Second, they also know that the A-F system, by design, will arbitrarily and inaccurately determine subjective proficiency based on undefined mastery.  The reason for this is simple.  The criteria for assigning the grade will be defined after kids take the test, simply because the A-F system to this day has yet to clearly define what the target is for kids and schools.  Every year, schools take the test only to find out after the fact what was required to pass the test and earn the highest rating.  That by itself is an unconscionable and a reckless thing to do to students and schools.  

Third, the STAAR test is biased against all kids because it is an assessment of an indefinite volume of curriculum and standards that very few students in the state could possibly master in a calendar year.  Furthermore, the test doesn’t represent the real learning that students need to succeed in the 21st century.   The grade will communicate little to nothing about student learning, but it will send the message loud and clear that Texas public schools are doing a poor job.

A-F destroys Communities and Hurt Teachers

The last and most important reason to oppose the A-F accountability system is because it destroys communities (especially poorer and more diverse communities), and the teachers that serve those communities.  In the days of the AEIS accountability rating system (2002 - 2011) based on the TAKS test (Texas Assessment of Knowledge and Skills), schools earned the following ratings:  unacceptable, acceptable, recognized and exemplary.   Often times these lower ratings were imposed on schools that had higher diversity, higher poverty, more language barriers, less experienced teaching staff, and more subgroups evaluated as compared to their higher rated schools.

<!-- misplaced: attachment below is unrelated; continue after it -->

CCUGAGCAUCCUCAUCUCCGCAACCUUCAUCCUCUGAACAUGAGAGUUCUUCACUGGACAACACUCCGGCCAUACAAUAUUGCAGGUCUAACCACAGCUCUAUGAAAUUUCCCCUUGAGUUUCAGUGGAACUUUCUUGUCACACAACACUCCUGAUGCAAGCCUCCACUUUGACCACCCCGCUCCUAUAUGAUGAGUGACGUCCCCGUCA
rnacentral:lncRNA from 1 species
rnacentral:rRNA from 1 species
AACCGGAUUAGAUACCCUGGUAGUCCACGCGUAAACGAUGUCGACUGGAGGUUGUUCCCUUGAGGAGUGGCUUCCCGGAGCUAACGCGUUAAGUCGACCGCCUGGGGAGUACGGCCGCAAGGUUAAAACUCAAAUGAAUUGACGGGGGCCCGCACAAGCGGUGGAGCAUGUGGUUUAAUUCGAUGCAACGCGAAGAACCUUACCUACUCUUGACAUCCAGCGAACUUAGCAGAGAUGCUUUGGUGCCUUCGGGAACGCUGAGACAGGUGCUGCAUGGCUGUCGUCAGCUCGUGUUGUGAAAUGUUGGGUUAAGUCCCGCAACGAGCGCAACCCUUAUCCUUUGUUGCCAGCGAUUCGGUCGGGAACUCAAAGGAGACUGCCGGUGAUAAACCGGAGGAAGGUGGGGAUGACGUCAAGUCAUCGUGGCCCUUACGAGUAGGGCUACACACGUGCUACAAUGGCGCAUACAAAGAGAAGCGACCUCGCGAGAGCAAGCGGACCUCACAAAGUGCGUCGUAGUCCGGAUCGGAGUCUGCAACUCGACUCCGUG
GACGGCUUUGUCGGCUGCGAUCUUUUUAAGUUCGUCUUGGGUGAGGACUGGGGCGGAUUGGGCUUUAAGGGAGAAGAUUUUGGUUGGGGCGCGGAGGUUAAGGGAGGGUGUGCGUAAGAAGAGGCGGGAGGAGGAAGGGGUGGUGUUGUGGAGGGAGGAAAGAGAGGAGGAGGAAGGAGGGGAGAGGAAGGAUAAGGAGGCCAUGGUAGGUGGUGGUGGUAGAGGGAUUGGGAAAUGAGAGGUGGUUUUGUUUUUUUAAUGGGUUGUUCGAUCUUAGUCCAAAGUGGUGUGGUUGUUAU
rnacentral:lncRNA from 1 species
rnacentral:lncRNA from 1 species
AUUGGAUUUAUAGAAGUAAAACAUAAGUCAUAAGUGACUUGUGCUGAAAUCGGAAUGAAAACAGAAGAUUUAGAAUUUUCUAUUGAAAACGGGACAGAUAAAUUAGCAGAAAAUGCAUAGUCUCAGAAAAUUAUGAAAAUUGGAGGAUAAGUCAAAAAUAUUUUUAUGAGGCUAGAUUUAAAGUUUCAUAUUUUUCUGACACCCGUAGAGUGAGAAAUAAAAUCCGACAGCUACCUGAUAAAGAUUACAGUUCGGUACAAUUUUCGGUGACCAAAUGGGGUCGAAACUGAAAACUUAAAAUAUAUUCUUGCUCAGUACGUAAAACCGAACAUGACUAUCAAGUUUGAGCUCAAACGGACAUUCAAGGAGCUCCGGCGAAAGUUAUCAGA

Further evidence, shown in the charts below of the latest A-F grades from Texas (January 2017), highlights what appears to be a forced distribution of letter grades assigned in the "what if" scenario of ratings. The charts show a clear preponderance of evidence that schools with higher levels of poverty received grades of C, D & F while schools with lesser levels of poverty received grades of A & B.

In a system that was also flatly rejected by parents, educators and communities, schools rated as exemplary and recognized benefitted directly from schools rated as acceptable and unacceptable in large part due to the negative message conveyed by the school’s rating.  No matter how much the lower rated school did for kids, the rating labeled the acceptable and unacceptable schools as dismal failures.  When schools received their ratings accompanied by a litany of potential sanctions and punitive actions for underperformance, lower rated schools saw many higher performing teachers resign to move to higher rated schools.  Additionally, the movement of higher performing teachers to higher rated schools created a vacuum in the lower rated schools which left openings (once occupied by highly successful teachers) to be filled in many cases by either new teachers, less experienced teachers, or in some cases uncertified teachers.  In short, lower rated schools often faced greater challenges educating students, and those challenges were left to be addressed by a less experienced staff each year.  Kids in lower rated schools were hurt by the negative message communicated by a low rating, based on one test on one day.

Are You For or Against Texas Public Schools?